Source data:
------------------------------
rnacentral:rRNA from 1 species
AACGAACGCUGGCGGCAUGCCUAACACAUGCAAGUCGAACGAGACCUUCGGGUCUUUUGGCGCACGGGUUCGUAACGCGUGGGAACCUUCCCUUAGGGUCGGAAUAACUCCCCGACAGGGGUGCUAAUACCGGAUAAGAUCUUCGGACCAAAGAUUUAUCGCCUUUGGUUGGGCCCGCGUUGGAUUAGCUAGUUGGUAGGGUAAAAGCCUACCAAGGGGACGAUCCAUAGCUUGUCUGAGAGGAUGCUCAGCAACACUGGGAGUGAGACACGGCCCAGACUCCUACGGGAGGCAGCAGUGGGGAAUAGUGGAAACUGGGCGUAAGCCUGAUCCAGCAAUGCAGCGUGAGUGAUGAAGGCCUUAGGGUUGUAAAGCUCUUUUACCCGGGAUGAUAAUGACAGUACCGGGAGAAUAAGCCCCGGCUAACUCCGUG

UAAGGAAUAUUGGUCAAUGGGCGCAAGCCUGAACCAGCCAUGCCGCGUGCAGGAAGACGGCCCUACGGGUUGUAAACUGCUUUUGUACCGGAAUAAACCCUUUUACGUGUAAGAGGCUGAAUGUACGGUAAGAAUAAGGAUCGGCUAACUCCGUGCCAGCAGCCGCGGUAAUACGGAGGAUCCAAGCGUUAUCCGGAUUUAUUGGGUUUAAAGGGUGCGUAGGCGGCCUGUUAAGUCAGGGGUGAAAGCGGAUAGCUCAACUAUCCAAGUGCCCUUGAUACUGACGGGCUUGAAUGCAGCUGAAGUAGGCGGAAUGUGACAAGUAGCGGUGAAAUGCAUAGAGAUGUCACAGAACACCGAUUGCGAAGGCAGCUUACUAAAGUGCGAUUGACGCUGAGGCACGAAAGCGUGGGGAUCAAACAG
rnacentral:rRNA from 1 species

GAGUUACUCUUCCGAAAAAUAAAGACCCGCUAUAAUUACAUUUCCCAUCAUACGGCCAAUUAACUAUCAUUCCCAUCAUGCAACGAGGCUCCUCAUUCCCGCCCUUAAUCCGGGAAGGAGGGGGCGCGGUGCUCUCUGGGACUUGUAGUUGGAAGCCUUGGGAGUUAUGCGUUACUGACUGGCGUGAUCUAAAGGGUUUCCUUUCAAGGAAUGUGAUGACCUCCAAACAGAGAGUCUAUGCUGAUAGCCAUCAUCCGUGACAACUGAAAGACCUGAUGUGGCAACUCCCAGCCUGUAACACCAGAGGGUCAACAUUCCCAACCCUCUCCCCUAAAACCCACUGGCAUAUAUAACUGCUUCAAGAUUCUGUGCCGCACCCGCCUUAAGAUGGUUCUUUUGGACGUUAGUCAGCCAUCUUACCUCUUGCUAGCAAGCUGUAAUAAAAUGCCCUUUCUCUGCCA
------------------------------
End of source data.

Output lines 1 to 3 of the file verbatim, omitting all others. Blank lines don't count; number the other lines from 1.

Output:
rnacentral:rRNA from 1 species
AACGAACGCUGGCGGCAUGCCUAACACAUGCAAGUCGAACGAGACCUUCGGGUCUUUUGGCGCACGGGUUCGUAACGCGUGGGAACCUUCCCUUAGGGUCGGAAUAACUCCCCGACAGGGGUGCUAAUACCGGAUAAGAUCUUCGGACCAAAGAUUUAUCGCCUUUGGUUGGGCCCGCGUUGGAUUAGCUAGUUGGUAGGGUAAAAGCCUACCAAGGGGACGAUCCAUAGCUUGUCUGAGAGGAUGCUCAGCAACACUGGGAGUGAGACACGGCCCAGACUCCUACGGGAGGCAGCAGUGGGGAAUAGUGGAAACUGGGCGUAAGCCUGAUCCAGCAAUGCAGCGUGAGUGAUGAAGGCCUUAGGGUUGUAAAGCUCUUUUACCCGGGAUGAUAAUGACAGUACCGGGAGAAUAAGCCCCGGCUAACUCCGUG

UAAGGAAUAUUGGUCAAUGGGCGCAAGCCUGAACCAGCCAUGCCGCGUGCAGGAAGACGGCCCUACGGGUUGUAAACUGCUUUUGUACCGGAAUAAACCCUUUUACGUGUAAGAGGCUGAAUGUACGGUAAGAAUAAGGAUCGGCUAACUCCGUGCCAGCAGCCGCGGUAAUACGGAGGAUCCAAGCGUUAUCCGGAUUUAUUGGGUUUAAAGGGUGCGUAGGCGGCCUGUUAAGUCAGGGGUGAAAGCGGAUAGCUCAACUAUCCAAGUGCCCUUGAUACUGACGGGCUUGAAUGCAGCUGAAGUAGGCGGAAUGUGACAAGUAGCGGUGAAAUGCAUAGAGAUGUCACAGAACACCGAUUGCGAAGGCAGCUUACUAAAGUGCGAUUGACGCUGAGGCACGAAAGCGUGGGGAUCAAACAG